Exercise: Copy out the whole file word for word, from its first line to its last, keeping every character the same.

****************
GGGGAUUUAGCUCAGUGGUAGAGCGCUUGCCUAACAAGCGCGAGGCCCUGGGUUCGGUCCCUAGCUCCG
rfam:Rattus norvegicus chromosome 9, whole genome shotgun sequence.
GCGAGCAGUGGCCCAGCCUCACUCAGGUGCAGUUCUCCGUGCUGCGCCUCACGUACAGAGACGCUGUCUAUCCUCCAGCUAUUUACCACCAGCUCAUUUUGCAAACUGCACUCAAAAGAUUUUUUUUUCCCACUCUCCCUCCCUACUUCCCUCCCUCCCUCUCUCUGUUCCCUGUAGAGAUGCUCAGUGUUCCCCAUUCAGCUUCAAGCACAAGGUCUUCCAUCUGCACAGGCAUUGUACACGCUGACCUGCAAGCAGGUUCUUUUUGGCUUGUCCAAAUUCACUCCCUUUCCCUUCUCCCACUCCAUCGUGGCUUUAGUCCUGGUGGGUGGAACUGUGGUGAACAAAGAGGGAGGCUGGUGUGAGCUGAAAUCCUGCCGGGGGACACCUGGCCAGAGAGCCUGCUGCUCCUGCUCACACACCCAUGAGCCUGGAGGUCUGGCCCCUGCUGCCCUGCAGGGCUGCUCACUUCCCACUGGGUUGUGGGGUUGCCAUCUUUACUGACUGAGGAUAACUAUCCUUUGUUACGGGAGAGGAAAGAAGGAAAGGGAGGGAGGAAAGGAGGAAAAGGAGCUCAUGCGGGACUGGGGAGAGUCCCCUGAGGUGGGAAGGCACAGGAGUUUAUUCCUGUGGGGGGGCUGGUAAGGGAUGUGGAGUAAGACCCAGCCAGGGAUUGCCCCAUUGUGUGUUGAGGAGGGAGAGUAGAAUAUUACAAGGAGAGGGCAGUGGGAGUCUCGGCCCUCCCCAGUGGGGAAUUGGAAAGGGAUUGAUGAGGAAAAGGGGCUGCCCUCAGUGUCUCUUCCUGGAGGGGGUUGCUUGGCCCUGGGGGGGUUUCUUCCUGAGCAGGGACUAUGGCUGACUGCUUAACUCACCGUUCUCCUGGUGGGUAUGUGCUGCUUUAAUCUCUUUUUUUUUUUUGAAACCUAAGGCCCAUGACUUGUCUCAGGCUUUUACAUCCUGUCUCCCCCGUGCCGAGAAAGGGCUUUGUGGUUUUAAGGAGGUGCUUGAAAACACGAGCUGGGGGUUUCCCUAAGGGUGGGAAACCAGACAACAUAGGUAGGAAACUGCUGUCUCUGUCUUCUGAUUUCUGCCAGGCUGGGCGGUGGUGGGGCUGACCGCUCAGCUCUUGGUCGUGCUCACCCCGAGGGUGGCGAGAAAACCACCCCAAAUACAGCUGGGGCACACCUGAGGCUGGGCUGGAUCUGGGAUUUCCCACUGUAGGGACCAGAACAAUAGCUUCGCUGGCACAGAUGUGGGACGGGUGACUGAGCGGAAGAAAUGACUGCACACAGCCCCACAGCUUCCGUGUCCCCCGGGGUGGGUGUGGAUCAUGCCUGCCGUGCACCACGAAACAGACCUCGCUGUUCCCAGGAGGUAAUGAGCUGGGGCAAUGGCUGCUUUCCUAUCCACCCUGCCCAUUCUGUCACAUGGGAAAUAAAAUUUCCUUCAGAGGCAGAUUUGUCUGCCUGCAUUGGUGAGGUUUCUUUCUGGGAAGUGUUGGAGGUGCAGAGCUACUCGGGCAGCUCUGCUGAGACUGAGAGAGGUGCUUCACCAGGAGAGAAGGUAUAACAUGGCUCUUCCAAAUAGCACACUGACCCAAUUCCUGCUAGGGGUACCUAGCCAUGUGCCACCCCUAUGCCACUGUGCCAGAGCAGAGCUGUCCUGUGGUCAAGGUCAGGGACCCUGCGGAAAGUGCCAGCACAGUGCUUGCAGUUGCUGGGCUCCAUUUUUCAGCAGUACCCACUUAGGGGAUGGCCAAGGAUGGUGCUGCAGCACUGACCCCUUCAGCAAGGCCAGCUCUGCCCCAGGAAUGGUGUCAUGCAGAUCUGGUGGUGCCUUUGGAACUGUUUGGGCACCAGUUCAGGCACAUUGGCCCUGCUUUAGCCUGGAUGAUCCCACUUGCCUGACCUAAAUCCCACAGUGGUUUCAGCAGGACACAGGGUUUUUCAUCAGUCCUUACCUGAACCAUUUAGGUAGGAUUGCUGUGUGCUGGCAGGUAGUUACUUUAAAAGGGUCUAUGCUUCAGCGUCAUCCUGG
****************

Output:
GGGGAUUUAGCUCAGUGGUAGAGCGCUUGCCUAACAAGCGCGAGGCCCUGGGUUCGGUCCCUAGCUCCG
rfam:Rattus norvegicus chromosome 9, whole genome shotgun sequence.
GCGAGCAGUGGCCCAGCCUCACUCAGGUGCAGUUCUCCGUGCUGCGCCUCACGUACAGAGACGCUGUCUAUCCUCCAGCUAUUUACCACCAGCUCAUUUUGCAAACUGCACUCAAAAGAUUUUUUUUUCCCACUCUCCCUCCCUACUUCCCUCCCUCCCUCUCUCUGUUCCCUGUAGAGAUGCUCAGUGUUCCCCAUUCAGCUUCAAGCACAAGGUCUUCCAUCUGCACAGGCAUUGUACACGCUGACCUGCAAGCAGGUUCUUUUUGGCUUGUCCAAAUUCACUCCCUUUCCCUUCUCCCACUCCAUCGUGGCUUUAGUCCUGGUGGGUGGAACUGUGGUGAACAAAGAGGGAGGCUGGUGUGAGCUGAAAUCCUGCCGGGGGACACCUGGCCAGAGAGCCUGCUGCUCCUGCUCACACACCCAUGAGCCUGGAGGUCUGGCCCCUGCUGCCCUGCAGGGCUGCUCACUUCCCACUGGGUUGUGGGGUUGCCAUCUUUACUGACUGAGGAUAACUAUCCUUUGUUACGGGAGAGGAAAGAAGGAAAGGGAGGGAGGAAAGGAGGAAAAGGAGCUCAUGCGGGACUGGGGAGAGUCCCCUGAGGUGGGAAGGCACAGGAGUUUAUUCCUGUGGGGGGGCUGGUAAGGGAUGUGGAGUAAGACCCAGCCAGGGAUUGCCCCAUUGUGUGUUGAGGAGGGAGAGUAGAAUAUUACAAGGAGAGGGCAGUGGGAGUCUCGGCCCUCCCCAGUGGGGAAUUGGAAAGGGAUUGAUGAGGAAAAGGGGCUGCCCUCAGUGUCUCUUCCUGGAGGGGGUUGCUUGGCCCUGGGGGGGUUUCUUCCUGAGCAGGGACUAUGGCUGACUGCUUAACUCACCGUUCUCCUGGUGGGUAUGUGCUGCUUUAAUCUCUUUUUUUUUUUUGAAACCUAAGGCCCAUGACUUGUCUCAGGCUUUUACAUCCUGUCUCCCCCGUGCCGAGAAAGGGCUUUGUGGUUUUAAGGAGGUGCUUGAAAACACGAGCUGGGGGUUUCCCUAAGGGUGGGAAACCAGACAACAUAGGUAGGAAACUGCUGUCUCUGUCUUCUGAUUUCUGCCAGGCUGGGCGGUGGUGGGGCUGACCGCUCAGCUCUUGGUCGUGCUCACCCCGAGGGUGGCGAGAAAACCACCCCAAAUACAGCUGGGGCACACCUGAGGCUGGGCUGGAUCUGGGAUUUCCCACUGUAGGGACCAGAACAAUAGCUUCGCUGGCACAGAUGUGGGACGGGUGACUGAGCGGAAGAAAUGACUGCACACAGCCCCACAGCUUCCGUGUCCCCCGGGGUGGGUGUGGAUCAUGCCUGCCGUGCACCACGAAACAGACCUCGCUGUUCCCAGGAGGUAAUGAGCUGGGGCAAUGGCUGCUUUCCUAUCCACCCUGCCCAUUCUGUCACAUGGGAAAUAAAAUUUCCUUCAGAGGCAGAUUUGUCUGCCUGCAUUGGUGAGGUUUCUUUCUGGGAAGUGUUGGAGGUGCAGAGCUACUCGGGCAGCUCUGCUGAGACUGAGAGAGGUGCUUCACCAGGAGAGAAGGUAUAACAUGGCUCUUCCAAAUAGCACACUGACCCAAUUCCUGCUAGGGGUACCUAGCCAUGUGCCACCCCUAUGCCACUGUGCCAGAGCAGAGCUGUCCUGUGGUCAAGGUCAGGGACCCUGCGGAAAGUGCCAGCACAGUGCUUGCAGUUGCUGGGCUCCAUUUUUCAGCAGUACCCACUUAGGGGAUGGCCAAGGAUGGUGCUGCAGCACUGACCCCUUCAGCAAGGCCAGCUCUGCCCCAGGAAUGGUGUCAUGCAGAUCUGGUGGUGCCUUUGGAACUGUUUGGGCACCAGUUCAGGCACAUUGGCCCUGCUUUAGCCUGGAUGAUCCCACUUGCCUGACCUAAAUCCCACAGUGGUUUCAGCAGGACACAGGGUUUUUCAUCAGUCCUUACCUGAACCAUUUAGGUAGGAUUGCUGUGUGCUGGCAGGUAGUUACUUUAAAAGGGUCUAUGCUUCAGCGUCAUCCUGG